SAN FRANCISCO — In 2018, Elon Musk was working through the night and sleeping at Tesla Inc's factories in California and Nevada as the company struggled to ramp up production of the Model 3.
On Monday (Nov 14), Musk said he had worked through the night at Twitter's San Francisco headquarters and would keep "working & sleeping here" until the social media platform — which he recently acquired for US$44 billion (S$60.2 billion) — was fixed.
A self-described "nanomanager," Musk's penchant for working long hours in moments of crisis has been a well-known part of his brand. But the billionaire's deep dive into Twitter, after a protracted buyout that he tried to scrap, has some Tesla investors worried about his capacity to focus on his role as CEO of the world's most valuable carmaker.
"Tesla investors are going to be frustrated," said Gene Munster, managing partner at venture capital firm Loup Ventures. "He's probably going to spend more time on Twitter than any Tesla investor feels comfortable about."
Musk, who is expected to testify in court on Wednesday about whether a US$56 billion pay package at Tesla is justified, did not respond to a Reuters email seeking comment.
He tweeted on Monday "I have Tesla covered too," saying he planned to work at the electric vehicle maker for part of this week. Tesla has an office in Palo Alto, California, and a factory in Fremont, California.
Tesla's shares have dropped by 50 per cent since early April, when he disclosed he had taken a stake in Twitter. Sales of Musk's own Tesla shares — totalling US$20 billion since he disclosed his Twitter stake — have added to the pressure.
Tesla faces a growing list of challenges from demand concerns in China to a regulatory probe of the claims it makes about the abilities of its "Autopilot" driver assistance technology in the United States.
So far this month, Musk's tweets about his efforts to reboot Twitter have accounted for more than two-thirds of his postings on the platform he acquired in October, according to a Reuters tally.
Tesla accounted for just three per cent of his tweets from Nov 1 to Nov 15, down from an average of almost 16 per cent over the previous eight months.
Munster said he expects Twitter to consume Musk's attention for the next six to 12 months, adding that Tesla was a more developed company than in earlier days and less immediately reliant on Musk.
In recent days, Musk has said his workload has increased significantly after his Twitter buy.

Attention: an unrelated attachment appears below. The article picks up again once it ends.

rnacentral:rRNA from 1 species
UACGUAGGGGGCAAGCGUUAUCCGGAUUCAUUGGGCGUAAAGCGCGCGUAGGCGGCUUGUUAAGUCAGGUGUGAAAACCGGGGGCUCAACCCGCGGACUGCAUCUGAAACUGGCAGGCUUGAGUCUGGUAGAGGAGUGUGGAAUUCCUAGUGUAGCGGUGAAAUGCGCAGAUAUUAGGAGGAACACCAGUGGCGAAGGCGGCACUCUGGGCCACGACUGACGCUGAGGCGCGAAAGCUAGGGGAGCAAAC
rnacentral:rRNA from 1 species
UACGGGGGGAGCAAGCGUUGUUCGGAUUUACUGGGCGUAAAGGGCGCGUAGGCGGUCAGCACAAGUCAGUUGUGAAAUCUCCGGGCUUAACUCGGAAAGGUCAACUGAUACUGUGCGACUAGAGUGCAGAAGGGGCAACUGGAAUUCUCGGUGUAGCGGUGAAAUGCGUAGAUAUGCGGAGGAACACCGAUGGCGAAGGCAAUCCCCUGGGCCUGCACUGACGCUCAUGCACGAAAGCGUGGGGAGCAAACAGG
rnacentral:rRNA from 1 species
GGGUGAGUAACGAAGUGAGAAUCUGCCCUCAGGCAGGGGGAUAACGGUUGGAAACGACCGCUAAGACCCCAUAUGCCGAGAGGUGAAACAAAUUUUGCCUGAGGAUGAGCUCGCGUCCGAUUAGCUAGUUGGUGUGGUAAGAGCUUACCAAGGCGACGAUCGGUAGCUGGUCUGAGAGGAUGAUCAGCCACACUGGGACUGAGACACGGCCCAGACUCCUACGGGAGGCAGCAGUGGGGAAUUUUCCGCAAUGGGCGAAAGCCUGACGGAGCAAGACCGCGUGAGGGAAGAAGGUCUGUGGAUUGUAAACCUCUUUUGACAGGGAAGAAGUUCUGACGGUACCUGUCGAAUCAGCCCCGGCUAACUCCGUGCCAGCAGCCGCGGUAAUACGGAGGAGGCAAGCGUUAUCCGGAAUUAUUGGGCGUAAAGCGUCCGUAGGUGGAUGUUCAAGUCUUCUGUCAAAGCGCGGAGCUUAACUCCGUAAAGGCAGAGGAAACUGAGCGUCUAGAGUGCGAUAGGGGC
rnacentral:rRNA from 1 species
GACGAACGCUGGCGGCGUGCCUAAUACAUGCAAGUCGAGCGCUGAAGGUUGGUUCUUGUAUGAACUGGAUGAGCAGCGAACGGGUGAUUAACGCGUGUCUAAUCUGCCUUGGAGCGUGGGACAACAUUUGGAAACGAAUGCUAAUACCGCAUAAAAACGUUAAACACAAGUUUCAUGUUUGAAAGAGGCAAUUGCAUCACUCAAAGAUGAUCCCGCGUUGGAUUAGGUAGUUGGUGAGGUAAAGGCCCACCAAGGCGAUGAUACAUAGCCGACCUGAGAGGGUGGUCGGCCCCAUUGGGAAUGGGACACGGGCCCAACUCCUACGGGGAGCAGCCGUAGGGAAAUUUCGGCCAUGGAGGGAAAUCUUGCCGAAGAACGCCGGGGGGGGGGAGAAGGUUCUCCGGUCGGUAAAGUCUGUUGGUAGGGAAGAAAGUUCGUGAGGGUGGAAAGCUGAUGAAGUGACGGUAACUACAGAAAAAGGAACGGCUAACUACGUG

"I have too much work on my plate," he said by video link to a business conference in Indonesia on Monday, saying he was working "from morning till night seven days a week."
"Once Twitter is set on the right path, I think it is a much easier thing to manage than SpaceX or Tesla," Musk said earlier this month at the Baron investment conference, referring to the aerospace company which he also runs.
Tesla investor Ross Gerber, a strong supporter of Musk, said on Tuesday that Tesla needed to find a deputy for its multitasking CEO. "I think he's finally reached a point where he's really challenging himself. I think they need to find the right person. And quite frankly, they just don't have that person."
The Tesla board has expressed concerns about Musk's commitment to SpaceX and several smaller companies. Tesla board chair Robyn Denholm said in a 2018 email that the "minimal time" Musk was spending at Tesla was "becoming more and more problematic,” according to court documents related to his pay trial. A Tesla shareholder says the board failed in approving a US$56 billion pay package for him without demanding his full-time attention.
Another board member, Ira Ehrenpreis, noted at trial that Musk was paid for results, not time spent, a view echoed by Musk in a 2021 deposition. At Tesla's annual meeting in August, Musk responded to a question about "key-man risk" by acknowledging his colleagues, saying "We do have a very talented team here. So I think Tesla would continue to do very well even if I was kidnapped by aliens or went back to my home planet maybe."
Musk has proven his doubters wrong before and some early investors say they expect him to be up for the Twitter challenge. "When you get an entrepreneur that does all that he's done, we should just be kissing his feet. The guy is awesome," billionaire investor Tim Draper told Reuters.
But others have lost patience.
"Musk has managed to do what the bears have unsuccessfully tried for years — crush Tesla's stock," Wedbush analyst Daniel Ives, a long-time Tesla bull, said in a note last week.
Ives called Twitter an "albatross," a "distraction" and a "money pit" for Musk. "The Twitter circus show is slowly starting to impact the pristine EV brand of Tesla," he said.